As the Beijing Olympics reaches its mid way point, competition is taking place among the English-language western media to see which can win the gold medal for using the sporting event to engage in China bashing.
In the runup up to the Games we had reports from the western media print and web outlets emphasising why China does not deserve to host the games. Pre-game bashing coverage focused on publicising the games diplomatic boycott by the United States and a few western allies. This initial attempt to discourage the nations of the world from participating in China’s first winter olympics failed miserably.
Altogether 2,800 athletes from 91 countries are taking part – only one nation less than the record 92 taking part in the PyeongChang 2018 Olympics.
With its optimistic motto, “Together for a shared future”, the Beijing Olympics should be an occasion to bring the countries of the world together in peace and friendly competition.
As aptly summarised in the address of International Olympic President Thomas Bach during the games opening ceremony on 4 February.
“In our fragile world, where division, conflict and mistrust are on the rise, we show the world: yes, it is possible to be fierce rivals, while at the same time living peacefully and respectfully together.
This is the mission of the Olympic Games: bringing us together in peaceful competition. Always building bridges, never erecting walls. Uniting humankind in all our diversity”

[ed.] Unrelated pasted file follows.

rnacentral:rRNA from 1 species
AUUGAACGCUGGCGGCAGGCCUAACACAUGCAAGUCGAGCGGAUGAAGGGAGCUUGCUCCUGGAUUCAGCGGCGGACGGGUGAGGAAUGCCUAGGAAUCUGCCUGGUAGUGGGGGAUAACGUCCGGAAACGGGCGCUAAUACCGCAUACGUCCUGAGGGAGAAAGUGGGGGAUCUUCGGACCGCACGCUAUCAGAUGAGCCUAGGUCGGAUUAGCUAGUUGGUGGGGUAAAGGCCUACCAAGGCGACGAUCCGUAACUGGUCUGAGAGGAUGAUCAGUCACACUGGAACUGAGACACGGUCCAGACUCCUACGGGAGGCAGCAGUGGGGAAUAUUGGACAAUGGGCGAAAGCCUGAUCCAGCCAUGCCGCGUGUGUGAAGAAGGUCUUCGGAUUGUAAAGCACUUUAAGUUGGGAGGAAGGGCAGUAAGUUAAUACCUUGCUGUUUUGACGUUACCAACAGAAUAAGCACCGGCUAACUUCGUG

In his speech, Bach referred to the Olympic spirit of truce and appealed to “all political authorities across the world: observe your commitment to this Olympic Truce. Give peace a chance”
Can Western Media Give Peace a Chance
Unfortunately this appeal for peace or at least a truce has been lost on the western media covering the Games
It is well recognised that the media is a key force that can help bring nations and communities together or keep them apart. So what can we find from western media coverage of the Beijing Olympics?
A close examination of what the western media has produced on the games to date shows the following tendencies:
- An emphasis on the superiority of western based values and systems
- An anti China agenda
- Racist undertones
- A thin layer of independent and fact based reporting
This finding is based on what has appeared in the reputedly more trustworthy liberal and progressive media in the US and Britain.
In comparison, a cursory reading of what has appeared in the more mainstream conservative media – with the exception of some right wing aligned media such as FOX media – shows a more neutral approach with the daily coverage and analysis generally confined to highlighting the results and performance of winning teams and individuals.
We can also see with the live television coverage of mainstream media such as NBC and USA, partly because of the emphasis on domestic events and sports, less of an attempt at propagandising negative views of China in the coverage or effort at influencing the viewership with analysis leading to racial stereotyping and denigration or demonization of countries.
What is important to note too is that media reporting in countries such as the United States harp on their integrity, independence, transparency and commitment to journalistic ethics. In addition, media companies having a global reach emphasise that they report issues and events in a way that reflects the global plurality of views. They also claim that their stories are to help different countries and communities understand each other better.